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Album Review: We Came As Romans - Understanding What We've Grown To Be

Troy, Michigan six piece, We Came As Romans are back with their eagerly anticipated follow up to the brilliant, ‘To Plant A Seed’. Weighing in at just under 50 minutes worth of music and spanning twelve tracks of synth ladled metalcore, ‘Understanding What We’ve Grown To Be’ follows on nicely from the band’s debut without really displaying much in terms of progression.

After an initial listen, it seems as though clean vocalist Kyle Pavone takes a back seat across the album, but after subsequent spins its clear this is not the case. There are just as many clean vocals on this album as the previous effort, but what there are less of, are choruses. It’s only on ‘The Way That We Have Been’ that a really effective chorus is heard. That said, the lack of a traditional chorus, makes the album a much more structurally interesting prospect. Opener ‘Mis//Understanding’ is a prime example, no standardized chorus, but there are sections where the energy that would accompany a chorus is more effectively funneled.

In terms of the lyrics, chief lyric write Joshua Moore covers similar themes as on the first album, although there is a noticeable air of despair to some tracks. When heavy vocalist David Stephens screams about the devil on his shoulder at the start of the brutal ‘A War Inside’, you get a level of the pain and frustration of the lyricist’s inner turmoil. There is also a fair amount of continuation in terms of themes from the first album. Whether it’s the references to ‘empty cups’ in the brilliant closing track ‘Understanding What We’ve Grown To Be’; or the direct continuation from ‘Roads That Don’t End…’ on the first album, that is ‘Views That Never Cease, To Keep Me From Myself’. Some may say that the continued lyrical themes hinder the freshness of the album, but it’s a good insight in to where the band has moved to emotionally between the two albums.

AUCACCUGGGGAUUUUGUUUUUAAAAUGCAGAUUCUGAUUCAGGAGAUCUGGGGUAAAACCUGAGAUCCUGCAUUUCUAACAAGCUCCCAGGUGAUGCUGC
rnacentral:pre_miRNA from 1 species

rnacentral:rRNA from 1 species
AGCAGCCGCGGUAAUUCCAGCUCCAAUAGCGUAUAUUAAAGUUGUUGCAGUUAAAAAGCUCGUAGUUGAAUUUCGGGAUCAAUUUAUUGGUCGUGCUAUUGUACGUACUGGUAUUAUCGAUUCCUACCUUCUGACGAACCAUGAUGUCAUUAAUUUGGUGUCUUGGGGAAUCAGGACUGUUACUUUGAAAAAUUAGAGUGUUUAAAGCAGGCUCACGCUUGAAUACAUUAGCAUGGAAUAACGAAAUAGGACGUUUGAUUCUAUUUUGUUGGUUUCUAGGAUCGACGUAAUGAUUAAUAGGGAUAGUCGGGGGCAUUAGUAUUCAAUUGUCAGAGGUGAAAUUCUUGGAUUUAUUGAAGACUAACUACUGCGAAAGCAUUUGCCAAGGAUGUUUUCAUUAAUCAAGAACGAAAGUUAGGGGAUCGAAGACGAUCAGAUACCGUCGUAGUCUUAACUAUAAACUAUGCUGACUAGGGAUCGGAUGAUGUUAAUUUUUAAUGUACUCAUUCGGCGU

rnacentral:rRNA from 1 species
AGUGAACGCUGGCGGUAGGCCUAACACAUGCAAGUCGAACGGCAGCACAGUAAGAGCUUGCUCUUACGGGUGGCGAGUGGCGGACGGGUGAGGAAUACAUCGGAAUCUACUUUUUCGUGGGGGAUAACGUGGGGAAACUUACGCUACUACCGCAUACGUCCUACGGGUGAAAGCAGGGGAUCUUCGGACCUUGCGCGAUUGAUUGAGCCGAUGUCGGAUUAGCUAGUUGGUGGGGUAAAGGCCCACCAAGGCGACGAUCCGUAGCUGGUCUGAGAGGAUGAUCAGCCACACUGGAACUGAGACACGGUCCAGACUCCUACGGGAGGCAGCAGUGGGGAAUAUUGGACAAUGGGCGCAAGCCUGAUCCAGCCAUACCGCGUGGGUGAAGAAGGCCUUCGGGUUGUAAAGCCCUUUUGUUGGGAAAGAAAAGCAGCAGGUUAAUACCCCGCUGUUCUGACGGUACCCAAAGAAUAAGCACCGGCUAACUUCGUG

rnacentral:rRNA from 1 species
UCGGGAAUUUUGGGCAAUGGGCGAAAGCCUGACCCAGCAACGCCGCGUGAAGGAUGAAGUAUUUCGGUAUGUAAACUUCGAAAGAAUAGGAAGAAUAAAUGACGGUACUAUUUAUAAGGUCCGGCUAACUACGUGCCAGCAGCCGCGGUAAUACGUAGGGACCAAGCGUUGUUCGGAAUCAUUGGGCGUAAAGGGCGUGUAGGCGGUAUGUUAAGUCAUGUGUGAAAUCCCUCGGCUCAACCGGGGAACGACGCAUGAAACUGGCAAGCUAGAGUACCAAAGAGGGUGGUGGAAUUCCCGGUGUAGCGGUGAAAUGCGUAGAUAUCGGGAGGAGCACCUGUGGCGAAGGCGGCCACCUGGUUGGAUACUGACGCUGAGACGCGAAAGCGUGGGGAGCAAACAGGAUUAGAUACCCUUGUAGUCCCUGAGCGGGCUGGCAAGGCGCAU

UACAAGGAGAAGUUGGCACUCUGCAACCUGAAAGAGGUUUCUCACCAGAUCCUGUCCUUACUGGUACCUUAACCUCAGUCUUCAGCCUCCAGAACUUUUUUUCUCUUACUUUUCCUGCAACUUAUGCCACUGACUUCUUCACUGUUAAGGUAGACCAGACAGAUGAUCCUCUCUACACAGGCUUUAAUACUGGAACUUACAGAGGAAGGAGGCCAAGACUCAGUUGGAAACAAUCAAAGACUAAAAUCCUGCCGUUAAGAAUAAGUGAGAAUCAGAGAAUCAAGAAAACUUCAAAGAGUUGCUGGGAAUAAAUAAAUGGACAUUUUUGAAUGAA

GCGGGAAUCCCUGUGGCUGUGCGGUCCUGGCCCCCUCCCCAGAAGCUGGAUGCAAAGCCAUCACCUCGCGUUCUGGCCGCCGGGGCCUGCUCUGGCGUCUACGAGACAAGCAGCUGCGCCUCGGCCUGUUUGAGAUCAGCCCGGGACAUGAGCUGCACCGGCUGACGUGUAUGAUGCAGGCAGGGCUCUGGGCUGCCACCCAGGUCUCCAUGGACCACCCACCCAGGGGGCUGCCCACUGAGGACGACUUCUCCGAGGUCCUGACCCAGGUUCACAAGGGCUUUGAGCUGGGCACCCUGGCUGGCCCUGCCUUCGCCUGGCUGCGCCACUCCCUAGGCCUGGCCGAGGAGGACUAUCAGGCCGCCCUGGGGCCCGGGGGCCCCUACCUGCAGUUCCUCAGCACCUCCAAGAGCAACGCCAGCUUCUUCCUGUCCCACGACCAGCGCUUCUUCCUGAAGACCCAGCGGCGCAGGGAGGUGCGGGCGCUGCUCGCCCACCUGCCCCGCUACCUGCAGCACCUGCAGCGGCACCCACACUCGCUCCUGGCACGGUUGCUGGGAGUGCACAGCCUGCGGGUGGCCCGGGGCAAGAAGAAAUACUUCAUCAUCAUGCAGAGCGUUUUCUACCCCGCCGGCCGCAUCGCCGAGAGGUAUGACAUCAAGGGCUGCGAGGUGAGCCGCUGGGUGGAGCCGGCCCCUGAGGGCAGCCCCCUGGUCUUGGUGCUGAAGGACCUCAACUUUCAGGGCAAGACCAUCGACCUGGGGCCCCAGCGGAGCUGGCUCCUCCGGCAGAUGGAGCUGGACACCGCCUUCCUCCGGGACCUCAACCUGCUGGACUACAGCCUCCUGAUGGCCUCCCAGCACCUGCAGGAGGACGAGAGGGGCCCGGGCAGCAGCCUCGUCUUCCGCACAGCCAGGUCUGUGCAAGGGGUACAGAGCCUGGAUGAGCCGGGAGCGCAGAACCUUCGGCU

‘Understanding What We’ve Grown To Be’ is a more complex album than the previous effort in terms of structure and emotion, but it’s lack of hooks means it is also quite a complex album to get in to. As good as some of the tracks are, some are crying out for a decent chorus, which makes the decision to leave stop-gap single ‘To Move On Is To Grow’ off the album, even more curious. Still, this album is a fair effort and will still undoubtedly garner the band a new and growing set of fans.


Dan Issitt

'Understanding What We've Grown To Be' is out September 13th on Equal Vision Records.

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